LINKing Turns: Crystal’s new ticket policy, lip balm woes and climate change vs. the Alps

Midwest Ski Journal likes to highlight a few pieces of skiing internet worth your time in LINKing Turns. Find the best, most important, least important and otherwise links here each week. 

This week we look at Crystal’s new groundbreaking walk-up ticket policy, how to lose your lip balm and how climate change has changed everything for resorts in the alps.

TURN 1: Crystal Closes its Doors to Walk-up Lift Tickets (Jake Stern/Powder Magazine)

Mark my words: This is a groundbreaking move that will be a trend at major resorts going forward.

The gist is that Crystal, outside Seattle, will no longer accept walk-up lift tickets on weekends and holidays in an effort to combat crowds.

Making guests buy tickets in advance will allow the resort to cap its daily skiers, free up parking for those that are there and help curb traffic in the region.

I’m sure there was some pushback to the announcement, but passholders and the riders at the resort should experience a better product because of it.

I would be interested to see if other major resorts, especially the overcrowded ones in Summit County, Colorado would consider something similar.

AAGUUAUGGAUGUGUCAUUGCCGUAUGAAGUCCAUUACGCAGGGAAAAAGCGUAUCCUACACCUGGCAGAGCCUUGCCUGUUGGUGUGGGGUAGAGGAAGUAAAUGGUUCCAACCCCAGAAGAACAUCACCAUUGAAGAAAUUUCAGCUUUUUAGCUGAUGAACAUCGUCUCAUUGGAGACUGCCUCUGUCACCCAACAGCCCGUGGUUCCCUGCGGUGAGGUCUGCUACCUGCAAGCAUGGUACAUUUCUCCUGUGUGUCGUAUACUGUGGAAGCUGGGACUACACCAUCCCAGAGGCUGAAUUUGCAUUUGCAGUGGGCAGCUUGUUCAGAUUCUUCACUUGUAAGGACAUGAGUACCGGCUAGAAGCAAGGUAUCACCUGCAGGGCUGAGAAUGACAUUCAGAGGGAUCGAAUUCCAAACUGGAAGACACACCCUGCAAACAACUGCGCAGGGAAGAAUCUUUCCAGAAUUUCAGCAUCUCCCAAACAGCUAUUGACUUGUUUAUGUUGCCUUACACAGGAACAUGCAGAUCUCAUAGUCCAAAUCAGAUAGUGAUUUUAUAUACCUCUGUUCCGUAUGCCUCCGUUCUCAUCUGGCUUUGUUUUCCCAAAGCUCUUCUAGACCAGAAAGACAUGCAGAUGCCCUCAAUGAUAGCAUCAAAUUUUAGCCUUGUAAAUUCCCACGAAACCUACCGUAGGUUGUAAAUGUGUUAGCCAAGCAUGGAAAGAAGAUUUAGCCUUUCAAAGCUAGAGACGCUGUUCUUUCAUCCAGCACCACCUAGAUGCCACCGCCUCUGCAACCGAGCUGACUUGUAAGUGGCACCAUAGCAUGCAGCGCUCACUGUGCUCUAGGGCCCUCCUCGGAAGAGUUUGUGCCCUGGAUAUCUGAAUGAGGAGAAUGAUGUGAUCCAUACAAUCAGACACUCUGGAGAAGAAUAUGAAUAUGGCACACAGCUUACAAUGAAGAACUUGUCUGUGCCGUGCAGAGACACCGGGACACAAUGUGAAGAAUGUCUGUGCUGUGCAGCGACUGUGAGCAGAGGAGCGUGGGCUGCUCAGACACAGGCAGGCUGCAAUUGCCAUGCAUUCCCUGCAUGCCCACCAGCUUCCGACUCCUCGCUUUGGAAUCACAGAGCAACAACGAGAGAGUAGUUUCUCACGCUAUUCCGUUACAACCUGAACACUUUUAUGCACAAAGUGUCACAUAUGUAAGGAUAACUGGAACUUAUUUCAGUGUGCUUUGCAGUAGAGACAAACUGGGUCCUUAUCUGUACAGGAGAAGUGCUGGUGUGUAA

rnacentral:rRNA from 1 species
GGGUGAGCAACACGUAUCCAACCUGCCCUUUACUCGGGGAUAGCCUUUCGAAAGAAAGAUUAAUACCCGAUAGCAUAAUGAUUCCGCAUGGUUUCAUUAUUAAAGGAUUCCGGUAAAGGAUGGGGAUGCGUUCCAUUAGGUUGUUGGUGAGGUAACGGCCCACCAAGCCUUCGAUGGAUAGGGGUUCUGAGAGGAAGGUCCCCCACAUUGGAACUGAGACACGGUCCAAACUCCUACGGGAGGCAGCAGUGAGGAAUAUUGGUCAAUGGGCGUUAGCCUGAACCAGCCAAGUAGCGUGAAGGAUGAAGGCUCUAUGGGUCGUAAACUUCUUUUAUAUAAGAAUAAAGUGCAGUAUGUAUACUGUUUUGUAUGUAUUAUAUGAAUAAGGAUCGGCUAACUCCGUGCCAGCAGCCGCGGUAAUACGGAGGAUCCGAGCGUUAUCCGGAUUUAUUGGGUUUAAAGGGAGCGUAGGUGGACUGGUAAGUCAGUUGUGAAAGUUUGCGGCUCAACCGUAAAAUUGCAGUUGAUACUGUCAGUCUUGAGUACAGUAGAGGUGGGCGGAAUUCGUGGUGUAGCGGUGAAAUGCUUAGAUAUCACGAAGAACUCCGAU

TURN 2: 7 Techniques to Never Have Lip Balm While Skiing (Brendan Leonard/Outside Magazine)

This is another hilarious piece by Semi-Rad, who is also a must follow on Instagram (@semirad).

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This one is seven ways to ensure that you never have your lip balm when you need it. I’m a lip balm aficionado, so this really hit home. I think, in total, I’ve finished two lip balm sticks in my lifetime. This rang very true.

Sure, lip balm is great for keeping your lips moisturized during the winter, especially when you’re doing a lot of skiing. But what if you want authentically chapped lips, dried out, rough, with maybe some cracks and minor bleeding? Here are a few tips on how to achieve that.

Brendan Leonard/Outside Magazine

TURN 3: Climate Change Is Killing Alpine Skiing as We Know It (Catherine Bosley and Boris Groendahl/Bloomberg)

Bloomberg doesn’t often take on skiing as a topic, but this is a stellar look at how climate change is hurting skiing in the Alps.

In classic Bloomberg style, the writers take a look at the economic impacts of climate change and how seasons are getting shorter, causing resorts to lean on snowmaking, which is also at peril.

Also of interest is the fact that these resorts are focusing more efforts on summer. They invest in hiking, dining, biking and lodging for summer visitors, where some areas are making up to 60 percent of their revenue or more.

In the Midwest, we’ve seen that, too. Later-starting seasons have hurt some ski areas, which are now investing in mountain biking infrastructure, which is surging in popularity and has a longer, more predictable season.

Already, the summer generates 60% of the tourism intake, according to Garmisch Mayor Sigrid Meierhofer. That’s a development seen elsewhere. In Switzerland, summer overnight hotel stays were a third higher than the winter of 2018-2019.

Catherine Bosley and Boris Groendahl/Bloomberg

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